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Consumer Fraud Archives

Philadelphia Woman Files Class-Action Lawsuit Against Angie's List

Consumers know that one of the great things about the Internet is being able to research products and services before you buy them. Often an important part of that process is looking at what other consumers have said after making the purchase. Ratings and opinions can vary widely, but it is still possible to get a reasonably clear idea of a product based on how consumers' descriptions of it fit or don't fit with your specific needs.

Consumer Financial Protection Bureau to Review Credit Card Industry

As mandated by the Credit Card Accountability, Responsibility, and Disclosure Act ("CARD"), the Consumer Financial Protection Bureau ("CFPB" or the "Bureau") will be performing a review of the credit card industry this year. The CARD Act of 2009, passed after the Great Recession to improve consumers' experiences with the credit card industry, requires the CFPB to do such a review of the industry once every two years. To begin the process of assembling the 2015 report, the CFPB has reached out to credit card customers of various companies to accumulate data for its report. The Bureau is focusing its research on the terms of credit card agreements, fees, costs to the companies, and the efficacy of the disclosure of said fees and costs.1

Hidden 'resort fees' the target of class-action lawsuit

In 2012 the Federal Trade Commission (FTC) notified 22 hotel companies that their websites "may violate the law by providing a deceptively low estimate of what consumers can expect to pay for their hotel rooms." The notification relates to undisclosed "resort fees," which were not being disclosed to consumers when their rooms were booked online.

Customers File Class-Action Suit Against Anthem Over Data Breach

News stories about large-scale hacking operations are becoming so numerous that the term "data breach" is now a regular part of the American lexicon. In the past couple years, retailers like Target and Home Depot have allowed hackers to obtain credit card numbers and other sensitive data from millions of customers.

Stage may be set for gov't victory in S&P consumer fraud case

Whether it might come in the next few days or next few months isn't clear, but according to unnamed sources cited by The New York Times it's looking like a major consumer fraud case against bond rating giant Standard & Poor's may be in the offing.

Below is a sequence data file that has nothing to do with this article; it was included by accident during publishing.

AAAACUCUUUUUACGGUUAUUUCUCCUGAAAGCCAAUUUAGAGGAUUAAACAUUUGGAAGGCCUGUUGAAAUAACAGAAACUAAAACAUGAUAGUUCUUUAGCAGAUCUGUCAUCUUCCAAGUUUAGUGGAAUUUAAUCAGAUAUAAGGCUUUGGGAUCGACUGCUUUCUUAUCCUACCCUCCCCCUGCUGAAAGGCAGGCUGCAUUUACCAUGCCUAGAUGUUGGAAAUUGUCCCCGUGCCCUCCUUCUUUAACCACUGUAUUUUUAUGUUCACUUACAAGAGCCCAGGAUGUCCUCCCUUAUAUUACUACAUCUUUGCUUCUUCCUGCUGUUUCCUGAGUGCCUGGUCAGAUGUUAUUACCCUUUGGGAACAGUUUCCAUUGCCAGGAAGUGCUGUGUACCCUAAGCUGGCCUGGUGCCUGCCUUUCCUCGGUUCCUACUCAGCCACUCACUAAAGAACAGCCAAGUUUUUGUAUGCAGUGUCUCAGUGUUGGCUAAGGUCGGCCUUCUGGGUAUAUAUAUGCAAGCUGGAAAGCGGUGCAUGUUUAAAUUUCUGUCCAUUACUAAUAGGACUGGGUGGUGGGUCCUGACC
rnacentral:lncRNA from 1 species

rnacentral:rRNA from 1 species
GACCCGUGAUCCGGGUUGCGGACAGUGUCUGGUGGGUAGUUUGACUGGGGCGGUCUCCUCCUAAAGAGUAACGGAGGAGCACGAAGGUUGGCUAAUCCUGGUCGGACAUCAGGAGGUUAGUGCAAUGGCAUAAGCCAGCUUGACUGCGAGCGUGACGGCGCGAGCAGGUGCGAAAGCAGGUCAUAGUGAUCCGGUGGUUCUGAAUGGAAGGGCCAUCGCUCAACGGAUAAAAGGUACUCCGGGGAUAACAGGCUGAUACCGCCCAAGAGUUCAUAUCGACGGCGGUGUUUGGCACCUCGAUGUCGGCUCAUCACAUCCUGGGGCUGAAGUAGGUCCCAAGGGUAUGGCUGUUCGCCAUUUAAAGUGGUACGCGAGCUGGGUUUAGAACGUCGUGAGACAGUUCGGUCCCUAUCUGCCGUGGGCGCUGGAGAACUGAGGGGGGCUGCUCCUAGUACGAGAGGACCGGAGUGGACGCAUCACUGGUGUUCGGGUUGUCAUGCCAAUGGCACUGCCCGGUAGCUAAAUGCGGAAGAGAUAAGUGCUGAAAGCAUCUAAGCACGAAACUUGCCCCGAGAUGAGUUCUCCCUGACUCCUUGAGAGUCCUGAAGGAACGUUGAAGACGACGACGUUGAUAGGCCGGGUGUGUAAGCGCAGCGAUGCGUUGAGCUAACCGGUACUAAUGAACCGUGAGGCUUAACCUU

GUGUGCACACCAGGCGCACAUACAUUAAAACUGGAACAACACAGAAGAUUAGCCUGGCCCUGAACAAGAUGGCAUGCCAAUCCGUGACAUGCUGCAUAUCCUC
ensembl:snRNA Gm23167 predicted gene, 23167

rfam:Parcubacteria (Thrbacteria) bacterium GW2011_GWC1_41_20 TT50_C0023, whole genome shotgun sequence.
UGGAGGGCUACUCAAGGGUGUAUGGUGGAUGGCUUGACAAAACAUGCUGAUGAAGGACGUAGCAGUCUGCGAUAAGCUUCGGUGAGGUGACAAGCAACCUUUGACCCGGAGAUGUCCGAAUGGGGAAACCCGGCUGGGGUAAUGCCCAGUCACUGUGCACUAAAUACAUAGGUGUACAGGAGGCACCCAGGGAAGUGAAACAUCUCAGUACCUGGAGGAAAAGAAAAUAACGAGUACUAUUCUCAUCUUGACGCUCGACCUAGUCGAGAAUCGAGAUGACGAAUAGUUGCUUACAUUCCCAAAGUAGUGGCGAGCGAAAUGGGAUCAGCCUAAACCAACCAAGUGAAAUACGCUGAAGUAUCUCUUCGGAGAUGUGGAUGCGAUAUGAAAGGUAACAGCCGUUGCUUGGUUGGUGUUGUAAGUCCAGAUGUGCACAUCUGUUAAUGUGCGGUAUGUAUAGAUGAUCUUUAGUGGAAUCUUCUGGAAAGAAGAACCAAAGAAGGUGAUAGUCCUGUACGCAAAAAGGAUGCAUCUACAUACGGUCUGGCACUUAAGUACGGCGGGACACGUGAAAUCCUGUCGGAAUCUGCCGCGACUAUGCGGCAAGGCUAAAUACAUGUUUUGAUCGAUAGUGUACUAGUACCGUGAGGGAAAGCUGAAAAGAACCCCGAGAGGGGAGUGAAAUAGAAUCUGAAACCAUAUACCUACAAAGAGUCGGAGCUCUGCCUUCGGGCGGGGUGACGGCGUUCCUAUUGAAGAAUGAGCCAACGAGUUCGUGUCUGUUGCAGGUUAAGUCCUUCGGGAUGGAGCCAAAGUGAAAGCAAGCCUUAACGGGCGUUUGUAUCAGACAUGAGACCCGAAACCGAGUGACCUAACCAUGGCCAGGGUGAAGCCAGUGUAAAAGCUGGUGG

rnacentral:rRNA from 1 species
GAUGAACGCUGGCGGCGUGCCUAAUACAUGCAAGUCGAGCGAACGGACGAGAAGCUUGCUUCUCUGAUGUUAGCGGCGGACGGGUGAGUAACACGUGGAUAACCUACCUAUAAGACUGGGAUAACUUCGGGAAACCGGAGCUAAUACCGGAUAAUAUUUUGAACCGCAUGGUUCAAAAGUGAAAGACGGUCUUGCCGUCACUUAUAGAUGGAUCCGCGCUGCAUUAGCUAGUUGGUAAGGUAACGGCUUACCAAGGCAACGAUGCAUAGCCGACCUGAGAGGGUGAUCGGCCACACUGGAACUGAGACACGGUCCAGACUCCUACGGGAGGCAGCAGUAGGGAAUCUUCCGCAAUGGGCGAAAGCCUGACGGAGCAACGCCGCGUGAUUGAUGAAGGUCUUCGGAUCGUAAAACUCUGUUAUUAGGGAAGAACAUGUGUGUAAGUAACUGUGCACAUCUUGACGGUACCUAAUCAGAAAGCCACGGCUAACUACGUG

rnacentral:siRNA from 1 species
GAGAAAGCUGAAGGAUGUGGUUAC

Class actions continue to mount against Uber

The app-based transportation network Uber continues to face legal troubles, as three lawsuits have been brought in the last month on behalf of Uber passengers. The San Francisco-based company is also facing a class action lawsuit in which a class of drivers says the company failed to pay them as employees. Jillian Boyce, of Shepherd, Finkelman, Miller & Shah, discussed the drivers' lawsuit in a previous post.

DOJ Continues to Pursue Medicare and Medicaid Fraud

The United States Department of Justice ("DOJ") has brought another claim of Medicare fraud under the U.S. False Claims Acts. The DOJ has accused Creekside Hospice II, LLC in Las Vegas, Nevada, and Skilled Healthcare in Foothill Ranch, California, of treating non-terminally ill patients in order to gain excessive reimbursements from Medicare and Medicaid. Creekside and Skilled Healthcare are subsidiaries of Delaware corporation, SKG.1 Acting Assistant Attorney General Joyce Branda said companies often abuse Medicare's hospice system and that "[t]he department will take swift action to protect taxpayer dollars and make sure that Medicare benefits are available to those who truly need them."2

Consumer fraud suit says deodorants mislabeled as 'unscented'

In October we discussed a New Jersey bill that, if passed into law, would reduce penalties for some companies that commit technical violations of the state's Consumer Fraud Act. One aspect of the bill, which you can read more about in our previous post, allows companies to avoid having to pay plaintiffs' legal fees and other costs if the violation in question did not result in loss to the consumer.

District Court Judge Okays Statistical Sampling in FCA Case; Life Care Centers Appeals

In United States ex rel. Glenda Martin and ex rel. Tammie Taylor v. Life Care Centers of America (2014 U.S. Dist. LEXIS 142660), Federal Judge Harry Mattice of the Eastern District of Tennessee found that the Government is permitted to extrapolate from a sample of fraudulent claims to attempt to show larger liability under the False Claims Act ("FCA"). The United States argued that the history and purpose of the FCA support the use of statistical sampling in attempting to prove that an entity is defrauding the Government. Life Care Centers of America ("LCCA"), based in Cleveland, Tennessee, is now appealing to the Sixth Circuit, arguing that statistical sampling cannot satisfy the Government's burden of proof and that its due process rights are negatively affected by such statistical extrapolation.1